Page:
Children's Hospital Colorado
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Just Ask Children's


Worried About Your Child's Perfectionism?

A basketball player sits on a bench in the locker room holding a basketball and looking down while his teammates look happy.

"Let's face it: Perfectionism is something our society values highly," says Guido Frank, MD, a psychiatrist at Children's Hospital Colorado who specializes in eating disorders, anxiety and perfectionism.

For example, high stakes situations like flying and surgery need to run as perfectly as possible to keep everyone safe, he explains. In that context, "perfectionism, in itself, is of course not a bad thing, and in fact, is necessary and adaptive."

It becomes a problem, he says, when it fuels anxiety and depression; it can make someone feel like they are never good enough, or they can't enjoy the present accomplishment because they're worried about future failure. Any mistake affects them on a deeply personal level.

So when do you know if your child's perfectionism has gone from healthy ambition to unhealthy obsession?

When perfectionism becomes a problem

If your child is ambitious, works hard and strives for success, that is not necessarily a problem. It becomes one when they cannot stop striving for perfection. This might mean that a child who received an A is dissatisfied because it was not an A-plus; or it could be a child who won't ever celebrate a sports win because they didn't catch the ball every time.

Perfectionism is also common in children and adolescents who develop an eating disorder such as anorexia or bulimia nervosa. The perfectionist mindset combined with the drive to restrict food can cause life-threatening weight loss.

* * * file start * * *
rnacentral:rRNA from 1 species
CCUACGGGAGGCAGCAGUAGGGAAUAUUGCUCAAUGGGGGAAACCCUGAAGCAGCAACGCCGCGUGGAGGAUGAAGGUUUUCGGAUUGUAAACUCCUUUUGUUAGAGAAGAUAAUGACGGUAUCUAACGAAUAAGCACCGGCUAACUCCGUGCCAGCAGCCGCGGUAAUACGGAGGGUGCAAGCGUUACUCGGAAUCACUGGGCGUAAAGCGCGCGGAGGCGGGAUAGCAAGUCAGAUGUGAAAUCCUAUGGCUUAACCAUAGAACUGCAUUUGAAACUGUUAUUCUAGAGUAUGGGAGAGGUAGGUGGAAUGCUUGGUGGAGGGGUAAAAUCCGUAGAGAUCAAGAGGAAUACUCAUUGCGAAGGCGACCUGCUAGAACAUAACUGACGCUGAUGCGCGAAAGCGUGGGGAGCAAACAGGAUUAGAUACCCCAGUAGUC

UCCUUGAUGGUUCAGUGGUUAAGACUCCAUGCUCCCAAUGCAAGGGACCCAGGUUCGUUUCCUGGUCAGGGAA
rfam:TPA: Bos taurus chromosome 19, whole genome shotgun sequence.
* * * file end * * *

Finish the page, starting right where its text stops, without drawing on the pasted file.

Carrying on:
Keep an eye out for signs of unhealthy perfectionism: your child stops enjoying the things they usually like, they seem too stressed to handle the pressures on them or they limit or stop hanging out with friends.

What parents can do about a child yearning to be perfect

Kids can reverse unhealthy perfectionism with help from you, or from a professional if it's more serious. Unlike some psychological conditions, perfectionism doesn't usually stem from trauma or a life experience.

The number one thing to combat it, Dr. Frank says, is to talk with your kids. If you notice they are more focused than usual on achieving success, ask them about it. You can say something like, "I've noticed you haven't been happy about your A, and I got the feeling you were stressed about not getting an A-plus. What is happening that is keeping you from enjoying your success?" or "I'd like to understand why it's important that you achieve ____." Talk about people who became successful by managing mistakes. (Need examples? Check out this list from Business Insider of 29 famous people who failed before they succeeded.)

"If there's a culture of communication, then the kid can talk about how they feel and you will sense early whether there is a problem on the horizon," Dr. Frank says. "You can lay the foundation for preventing trouble."

Parents can also be aware of how they model behavior. If you have reasonable expectations and have a positive attitude about mistakes, that shows your kid that it's okay not to be perfect.

When to seek help for a child's perfectionism

If you're worried about your child, bring them to your pediatrician. It never hurts to have a professional evaluate your child; early intervention can help the condition from progressing.

Children can be genetically predisposed; if certain traits run in your family, like perfectionism or anxiety, or if someone in your family has had an eating disorder, it's especially important to pay attention to signs and have your child evaluated by a pediatrician if you think there could be problem.

"A parent knows their child best," Dr. Frank adds. "If you're sensitive to any changes with your child, changes in mood, behaviors, eating patterns, anything that comes up and concerns you, then you should follow-up on that."

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